404 of the Regulations (the “Listing”).
Id. Fourth, the Commissioner determines whether the
Plaintiff's residual functional capacity can meet the
physical and mental demands of past work. Id. Fifth
and finally, the Commissioner determines whether the
Plaintiff's residual functional capacity, age, education,
and past work experience prevent the performance of any other
work. In arriving at a decision, the Commissioner must
consider the combined effects of all of the alleged
impairments, without regard to whether each, if considered
separately, would be disabling. Id. The
Commissioner's failure to apply correct legal standards
to the evidence is grounds for reversal. Id.
Whether the ALJ properly considered Plaintiff's
limitations in formulating her RFC and in creating a
hypothetical question for the VE.
Whether the ALJ properly evaluated Plaintiff's
Brenda Darlene Smith filed an application for disability
insurance benefits on January 16, 2013, alleging disability
to work commencing September 1, 2012. Her claim was denied
initially on August 27, 2013 and on reconsideration on
November 21, 2013. She filed a written request for an
evidentiary hearing before an administrative law judge (ALJ)
on December 13, 2013, which was conducted on June 18, 2015.
Plaintiff appeared and testified as did a vocational expert
(VE). She was represented by an attorney at the hearing. At
the hearing, she amended her onset of disability date to
October 3, 2014. Tr. 30. The ALJ issued a written decision on
July 17, 2015 denying her claim. Tr. 27-48. On August 31,
2015 Plaintiff requested review by the Appeals Council, but
was denied on September 22, 2015 and denied a second time on
March 2, 2016. Tr. 26, 15-17, 1-7. Having exhausted the
administrative remedies available to her under the Social
Security Act she now brings this action for judicial review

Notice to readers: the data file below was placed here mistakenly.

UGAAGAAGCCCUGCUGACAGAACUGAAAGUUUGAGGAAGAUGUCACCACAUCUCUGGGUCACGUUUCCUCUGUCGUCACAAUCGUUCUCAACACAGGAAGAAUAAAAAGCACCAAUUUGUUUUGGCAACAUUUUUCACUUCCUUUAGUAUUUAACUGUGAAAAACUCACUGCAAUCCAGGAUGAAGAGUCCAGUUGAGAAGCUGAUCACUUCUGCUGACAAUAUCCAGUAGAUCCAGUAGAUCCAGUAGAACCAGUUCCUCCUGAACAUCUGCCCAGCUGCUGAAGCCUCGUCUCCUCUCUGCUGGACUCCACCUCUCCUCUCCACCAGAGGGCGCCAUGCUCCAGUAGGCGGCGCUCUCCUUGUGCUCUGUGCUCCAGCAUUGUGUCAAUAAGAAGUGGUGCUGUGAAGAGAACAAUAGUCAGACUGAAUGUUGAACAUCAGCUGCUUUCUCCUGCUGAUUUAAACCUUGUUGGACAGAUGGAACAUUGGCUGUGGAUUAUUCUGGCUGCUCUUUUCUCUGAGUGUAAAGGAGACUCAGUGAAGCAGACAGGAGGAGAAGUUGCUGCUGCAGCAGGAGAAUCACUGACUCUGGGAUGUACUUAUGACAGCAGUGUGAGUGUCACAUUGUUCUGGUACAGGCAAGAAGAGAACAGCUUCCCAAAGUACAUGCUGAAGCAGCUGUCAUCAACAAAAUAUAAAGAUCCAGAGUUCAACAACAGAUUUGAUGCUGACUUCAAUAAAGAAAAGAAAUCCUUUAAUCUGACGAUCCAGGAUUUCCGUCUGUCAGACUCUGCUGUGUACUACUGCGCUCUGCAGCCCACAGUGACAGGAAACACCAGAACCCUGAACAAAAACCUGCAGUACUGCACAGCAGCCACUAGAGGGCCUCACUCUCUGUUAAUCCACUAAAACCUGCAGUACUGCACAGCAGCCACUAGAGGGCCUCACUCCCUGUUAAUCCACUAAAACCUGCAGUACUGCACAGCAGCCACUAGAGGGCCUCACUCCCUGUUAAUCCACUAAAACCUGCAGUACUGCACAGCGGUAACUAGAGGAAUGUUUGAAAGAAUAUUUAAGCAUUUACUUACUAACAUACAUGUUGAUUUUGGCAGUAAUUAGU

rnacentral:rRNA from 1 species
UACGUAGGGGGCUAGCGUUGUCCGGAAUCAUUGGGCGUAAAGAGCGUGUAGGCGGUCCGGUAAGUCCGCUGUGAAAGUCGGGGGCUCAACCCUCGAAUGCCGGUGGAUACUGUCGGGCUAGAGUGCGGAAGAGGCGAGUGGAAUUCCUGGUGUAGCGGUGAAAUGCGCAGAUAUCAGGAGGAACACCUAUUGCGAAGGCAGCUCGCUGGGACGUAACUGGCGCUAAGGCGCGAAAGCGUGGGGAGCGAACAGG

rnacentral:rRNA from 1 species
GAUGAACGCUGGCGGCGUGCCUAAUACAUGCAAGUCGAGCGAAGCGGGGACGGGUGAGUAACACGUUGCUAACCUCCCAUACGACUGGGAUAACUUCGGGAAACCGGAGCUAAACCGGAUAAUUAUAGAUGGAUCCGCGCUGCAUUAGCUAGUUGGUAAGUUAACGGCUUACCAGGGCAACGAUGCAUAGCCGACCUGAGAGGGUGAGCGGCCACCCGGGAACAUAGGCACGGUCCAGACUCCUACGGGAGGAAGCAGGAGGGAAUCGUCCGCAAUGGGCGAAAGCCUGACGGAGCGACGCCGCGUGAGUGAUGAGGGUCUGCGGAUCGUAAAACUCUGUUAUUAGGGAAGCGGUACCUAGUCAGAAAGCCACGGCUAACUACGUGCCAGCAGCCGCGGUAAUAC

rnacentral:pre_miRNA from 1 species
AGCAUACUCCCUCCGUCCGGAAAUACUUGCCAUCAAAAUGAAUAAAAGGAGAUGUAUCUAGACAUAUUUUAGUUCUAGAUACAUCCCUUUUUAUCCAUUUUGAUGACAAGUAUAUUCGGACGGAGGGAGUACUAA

of the final decision by the Commissioner of Social Security
to deny her claim for disability benefits. This action is
ripe for review.
of Facts and Evidence
date the ALJ issued his unfavorable decision denying her
claim, Plaintiff was forty-nine years old. Tr. 27, 187. She
has a general equivalency diploma and a business college
certificate. Tr. 61, 210. Her previous relevant work is as a
pharmacy technician, cashier, clerk, and bookkeeper. Tr. 42,
90-91. In her application for benefits, Plaintiff asserts
disability due to fibromyalgia, anxiety, depression,
degenerative disc disease, emphysema, and left knee pain. Tr.
conducting the five-step sequential analysis mandated by the
Commissioner's regulations for the evaluation of
disability claims, the ALJ first found that Plaintiff has not
engaged in substantial gainful activity since her amended
alleged onset date of October 3, 2014. Finding No. 2, Tr. 32.
Next, he found her to have severe impairments of left knee
chondromalacia, restless legs, irritable bowel syndrome,
diabetes, left hip bursitis, mild spondylosis, and breast
cancer. Pursuant to Social Security Ruling 85-28 he also
found her to have nonsevere impairments of obesity/Level I,
gastroesophageal reflux disease (GERD), anxiety and panic
disorders, and bipolar I disorder. Finding No. 3, Tr. 32-35.
At step three the ALJ determined that these impairments,
considered both alone and in combination with one another, do
not meet or medically equal a listed impairment found in 20
C.F.R. Part 404, Subpart P, Appendix 1. Finding No. 4, Tr.
35-36. Between steps three and four the ALJ formulated a
residual functional capacity assessment (RFC) which permits
Plaintiff to engage in a limited range of light work with
certain exertional and environmental ...